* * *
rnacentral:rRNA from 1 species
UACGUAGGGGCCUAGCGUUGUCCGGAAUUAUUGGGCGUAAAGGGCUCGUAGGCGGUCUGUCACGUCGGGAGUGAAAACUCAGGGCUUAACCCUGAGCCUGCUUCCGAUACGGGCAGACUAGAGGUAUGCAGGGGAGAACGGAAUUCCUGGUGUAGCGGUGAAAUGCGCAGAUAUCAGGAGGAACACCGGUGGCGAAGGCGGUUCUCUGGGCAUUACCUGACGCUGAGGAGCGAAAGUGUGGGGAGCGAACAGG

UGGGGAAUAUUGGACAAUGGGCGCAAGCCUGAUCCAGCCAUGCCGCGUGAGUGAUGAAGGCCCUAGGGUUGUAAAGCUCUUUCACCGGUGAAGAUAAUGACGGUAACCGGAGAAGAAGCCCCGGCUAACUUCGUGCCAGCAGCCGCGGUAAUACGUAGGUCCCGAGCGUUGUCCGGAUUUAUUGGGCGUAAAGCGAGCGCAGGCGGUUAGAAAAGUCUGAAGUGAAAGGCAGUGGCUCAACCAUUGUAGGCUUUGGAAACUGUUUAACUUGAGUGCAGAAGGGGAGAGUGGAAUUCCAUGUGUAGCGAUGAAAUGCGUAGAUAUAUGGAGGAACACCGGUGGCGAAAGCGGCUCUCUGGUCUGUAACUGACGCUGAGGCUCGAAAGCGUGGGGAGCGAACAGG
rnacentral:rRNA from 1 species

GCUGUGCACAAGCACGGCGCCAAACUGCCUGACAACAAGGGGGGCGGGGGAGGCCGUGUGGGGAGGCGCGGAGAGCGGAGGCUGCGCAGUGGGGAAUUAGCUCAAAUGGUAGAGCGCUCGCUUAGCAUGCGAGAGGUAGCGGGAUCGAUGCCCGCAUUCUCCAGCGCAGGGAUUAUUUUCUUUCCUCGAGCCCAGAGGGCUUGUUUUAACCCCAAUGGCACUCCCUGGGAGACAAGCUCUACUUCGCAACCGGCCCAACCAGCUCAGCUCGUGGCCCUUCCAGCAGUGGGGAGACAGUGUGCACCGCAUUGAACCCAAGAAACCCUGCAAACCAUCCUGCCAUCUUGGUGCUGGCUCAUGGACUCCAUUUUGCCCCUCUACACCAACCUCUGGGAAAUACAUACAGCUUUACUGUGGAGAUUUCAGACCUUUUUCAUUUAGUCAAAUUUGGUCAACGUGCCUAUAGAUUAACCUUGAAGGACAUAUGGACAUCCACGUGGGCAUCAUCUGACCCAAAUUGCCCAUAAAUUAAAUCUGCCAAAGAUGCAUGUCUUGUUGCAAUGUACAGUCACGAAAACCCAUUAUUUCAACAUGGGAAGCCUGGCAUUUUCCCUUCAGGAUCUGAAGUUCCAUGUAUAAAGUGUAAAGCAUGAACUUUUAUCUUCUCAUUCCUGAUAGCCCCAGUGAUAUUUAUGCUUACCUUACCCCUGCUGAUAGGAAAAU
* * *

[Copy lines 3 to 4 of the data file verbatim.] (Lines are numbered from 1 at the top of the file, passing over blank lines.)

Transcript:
UGGGGAAUAUUGGACAAUGGGCGCAAGCCUGAUCCAGCCAUGCCGCGUGAGUGAUGAAGGCCCUAGGGUUGUAAAGCUCUUUCACCGGUGAAGAUAAUGACGGUAACCGGAGAAGAAGCCCCGGCUAACUUCGUGCCAGCAGCCGCGGUAAUACGUAGGUCCCGAGCGUUGUCCGGAUUUAUUGGGCGUAAAGCGAGCGCAGGCGGUUAGAAAAGUCUGAAGUGAAAGGCAGUGGCUCAACCAUUGUAGGCUUUGGAAACUGUUUAACUUGAGUGCAGAAGGGGAGAGUGGAAUUCCAUGUGUAGCGAUGAAAUGCGUAGAUAUAUGGAGGAACACCGGUGGCGAAAGCGGCUCUCUGGUCUGUAACUGACGCUGAGGCUCGAAAGCGUGGGGAGCGAACAGG
rnacentral:rRNA from 1 species